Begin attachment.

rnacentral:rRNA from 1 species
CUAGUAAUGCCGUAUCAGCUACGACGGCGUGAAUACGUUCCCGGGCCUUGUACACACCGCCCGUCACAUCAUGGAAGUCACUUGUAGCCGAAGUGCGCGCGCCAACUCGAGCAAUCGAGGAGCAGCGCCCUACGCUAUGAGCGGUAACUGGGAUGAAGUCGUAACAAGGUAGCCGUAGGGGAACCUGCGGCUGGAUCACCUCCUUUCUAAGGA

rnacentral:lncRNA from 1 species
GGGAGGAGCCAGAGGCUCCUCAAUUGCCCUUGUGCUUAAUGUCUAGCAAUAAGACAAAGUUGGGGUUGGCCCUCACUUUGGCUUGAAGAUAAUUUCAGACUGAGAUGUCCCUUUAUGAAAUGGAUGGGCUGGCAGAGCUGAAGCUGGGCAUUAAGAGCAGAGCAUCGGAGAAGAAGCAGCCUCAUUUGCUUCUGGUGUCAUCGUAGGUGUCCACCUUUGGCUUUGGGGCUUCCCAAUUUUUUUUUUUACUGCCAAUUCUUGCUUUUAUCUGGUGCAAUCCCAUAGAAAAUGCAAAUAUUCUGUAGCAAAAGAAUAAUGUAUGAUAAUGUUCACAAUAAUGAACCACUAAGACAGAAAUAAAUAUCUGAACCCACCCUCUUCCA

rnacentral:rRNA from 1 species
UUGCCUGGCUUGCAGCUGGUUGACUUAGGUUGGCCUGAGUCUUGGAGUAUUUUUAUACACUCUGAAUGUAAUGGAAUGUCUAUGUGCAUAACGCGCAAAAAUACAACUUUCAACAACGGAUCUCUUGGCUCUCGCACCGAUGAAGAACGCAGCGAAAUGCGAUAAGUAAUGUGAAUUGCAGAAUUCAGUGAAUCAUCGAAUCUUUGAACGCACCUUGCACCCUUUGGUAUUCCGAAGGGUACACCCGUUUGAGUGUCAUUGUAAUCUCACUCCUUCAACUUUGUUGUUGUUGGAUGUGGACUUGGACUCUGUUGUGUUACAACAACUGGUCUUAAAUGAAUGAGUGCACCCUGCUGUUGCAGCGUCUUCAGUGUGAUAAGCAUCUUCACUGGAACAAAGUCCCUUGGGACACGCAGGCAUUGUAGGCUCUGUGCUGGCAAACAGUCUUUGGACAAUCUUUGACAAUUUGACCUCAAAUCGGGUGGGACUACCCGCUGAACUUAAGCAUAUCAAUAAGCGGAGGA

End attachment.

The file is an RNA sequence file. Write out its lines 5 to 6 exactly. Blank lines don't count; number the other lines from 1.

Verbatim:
rnacentral:rRNA from 1 species
UUGCCUGGCUUGCAGCUGGUUGACUUAGGUUGGCCUGAGUCUUGGAGUAUUUUUAUACACUCUGAAUGUAAUGGAAUGUCUAUGUGCAUAACGCGCAAAAAUACAACUUUCAACAACGGAUCUCUUGGCUCUCGCACCGAUGAAGAACGCAGCGAAAUGCGAUAAGUAAUGUGAAUUGCAGAAUUCAGUGAAUCAUCGAAUCUUUGAACGCACCUUGCACCCUUUGGUAUUCCGAAGGGUACACCCGUUUGAGUGUCAUUGUAAUCUCACUCCUUCAACUUUGUUGUUGUUGGAUGUGGACUUGGACUCUGUUGUGUUACAACAACUGGUCUUAAAUGAAUGAGUGCACCCUGCUGUUGCAGCGUCUUCAGUGUGAUAAGCAUCUUCACUGGAACAAAGUCCCUUGGGACACGCAGGCAUUGUAGGCUCUGUGCUGGCAAACAGUCUUUGGACAAUCUUUGACAAUUUGACCUCAAAUCGGGUGGGACUACCCGCUGAACUUAAGCAUAUCAAUAAGCGGAGGA